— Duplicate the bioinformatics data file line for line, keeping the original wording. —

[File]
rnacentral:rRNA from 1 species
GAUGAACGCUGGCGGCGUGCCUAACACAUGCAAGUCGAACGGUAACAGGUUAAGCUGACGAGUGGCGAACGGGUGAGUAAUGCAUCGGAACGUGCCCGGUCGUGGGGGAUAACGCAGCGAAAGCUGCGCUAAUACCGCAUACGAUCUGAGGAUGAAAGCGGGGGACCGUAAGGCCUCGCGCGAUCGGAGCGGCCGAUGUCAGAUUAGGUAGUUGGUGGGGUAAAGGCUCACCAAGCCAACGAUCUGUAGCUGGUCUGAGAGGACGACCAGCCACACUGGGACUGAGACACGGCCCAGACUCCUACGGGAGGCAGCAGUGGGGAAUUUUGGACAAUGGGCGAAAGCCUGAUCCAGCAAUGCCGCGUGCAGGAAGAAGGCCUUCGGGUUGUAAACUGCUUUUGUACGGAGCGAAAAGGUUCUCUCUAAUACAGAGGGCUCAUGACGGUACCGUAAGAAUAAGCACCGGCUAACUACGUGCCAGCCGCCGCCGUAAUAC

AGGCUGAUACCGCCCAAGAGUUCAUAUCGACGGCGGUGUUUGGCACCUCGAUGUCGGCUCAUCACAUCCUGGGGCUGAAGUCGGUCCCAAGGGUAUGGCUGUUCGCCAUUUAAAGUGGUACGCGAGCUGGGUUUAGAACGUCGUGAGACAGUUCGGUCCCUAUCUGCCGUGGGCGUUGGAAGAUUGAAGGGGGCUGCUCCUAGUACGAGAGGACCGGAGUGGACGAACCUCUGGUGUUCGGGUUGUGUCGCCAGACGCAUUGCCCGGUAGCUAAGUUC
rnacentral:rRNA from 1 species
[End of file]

rnacentral:rRNA from 1 species
GAUGAACGCUGGCGGCGUGCCUAACACAUGCAAGUCGAACGGUAACAGGUUAAGCUGACGAGUGGCGAACGGGUGAGUAAUGCAUCGGAACGUGCCCGGUCGUGGGGGAUAACGCAGCGAAAGCUGCGCUAAUACCGCAUACGAUCUGAGGAUGAAAGCGGGGGACCGUAAGGCCUCGCGCGAUCGGAGCGGCCGAUGUCAGAUUAGGUAGUUGGUGGGGUAAAGGCUCACCAAGCCAACGAUCUGUAGCUGGUCUGAGAGGACGACCAGCCACACUGGGACUGAGACACGGCCCAGACUCCUACGGGAGGCAGCAGUGGGGAAUUUUGGACAAUGGGCGAAAGCCUGAUCCAGCAAUGCCGCGUGCAGGAAGAAGGCCUUCGGGUUGUAAACUGCUUUUGUACGGAGCGAAAAGGUUCUCUCUAAUACAGAGGGCUCAUGACGGUACCGUAAGAAUAAGCACCGGCUAACUACGUGCCAGCCGCCGCCGUAAUAC

AGGCUGAUACCGCCCAAGAGUUCAUAUCGACGGCGGUGUUUGGCACCUCGAUGUCGGCUCAUCACAUCCUGGGGCUGAAGUCGGUCCCAAGGGUAUGGCUGUUCGCCAUUUAAAGUGGUACGCGAGCUGGGUUUAGAACGUCGUGAGACAGUUCGGUCCCUAUCUGCCGUGGGCGUUGGAAGAUUGAAGGGGGCUGCUCCUAGUACGAGAGGACCGGAGUGGACGAACCUCUGGUGUUCGGGUUGUGUCGCCAGACGCAUUGCCCGGUAGCUAAGUUC
rnacentral:rRNA from 1 species